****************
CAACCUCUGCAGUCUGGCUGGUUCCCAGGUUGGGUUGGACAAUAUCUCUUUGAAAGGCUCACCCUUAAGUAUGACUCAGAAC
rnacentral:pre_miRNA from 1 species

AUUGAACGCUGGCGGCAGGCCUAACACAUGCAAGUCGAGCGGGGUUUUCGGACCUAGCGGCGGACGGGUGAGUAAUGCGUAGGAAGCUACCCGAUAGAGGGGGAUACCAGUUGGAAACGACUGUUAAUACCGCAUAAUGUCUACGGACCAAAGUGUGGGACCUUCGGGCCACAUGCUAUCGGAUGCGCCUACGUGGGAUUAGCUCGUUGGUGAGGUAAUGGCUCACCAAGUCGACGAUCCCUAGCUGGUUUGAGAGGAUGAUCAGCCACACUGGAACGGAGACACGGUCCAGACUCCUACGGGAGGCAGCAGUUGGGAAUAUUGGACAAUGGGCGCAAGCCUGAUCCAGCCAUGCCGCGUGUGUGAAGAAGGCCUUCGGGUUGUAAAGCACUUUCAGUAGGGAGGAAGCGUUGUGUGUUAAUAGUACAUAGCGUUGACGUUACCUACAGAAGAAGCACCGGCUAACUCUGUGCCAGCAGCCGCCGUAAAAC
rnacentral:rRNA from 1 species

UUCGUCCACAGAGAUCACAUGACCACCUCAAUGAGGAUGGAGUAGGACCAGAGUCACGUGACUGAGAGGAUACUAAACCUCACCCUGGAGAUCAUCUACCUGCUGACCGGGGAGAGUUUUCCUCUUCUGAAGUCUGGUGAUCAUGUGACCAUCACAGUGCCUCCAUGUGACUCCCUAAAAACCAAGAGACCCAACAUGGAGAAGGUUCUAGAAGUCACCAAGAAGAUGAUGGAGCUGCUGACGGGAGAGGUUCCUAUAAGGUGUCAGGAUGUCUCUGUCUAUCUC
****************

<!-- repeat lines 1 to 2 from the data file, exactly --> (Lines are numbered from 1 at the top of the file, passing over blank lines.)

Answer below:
CAACCUCUGCAGUCUGGCUGGUUCCCAGGUUGGGUUGGACAAUAUCUCUUUGAAAGGCUCACCCUUAAGUAUGACUCAGAAC
rnacentral:pre_miRNA from 1 species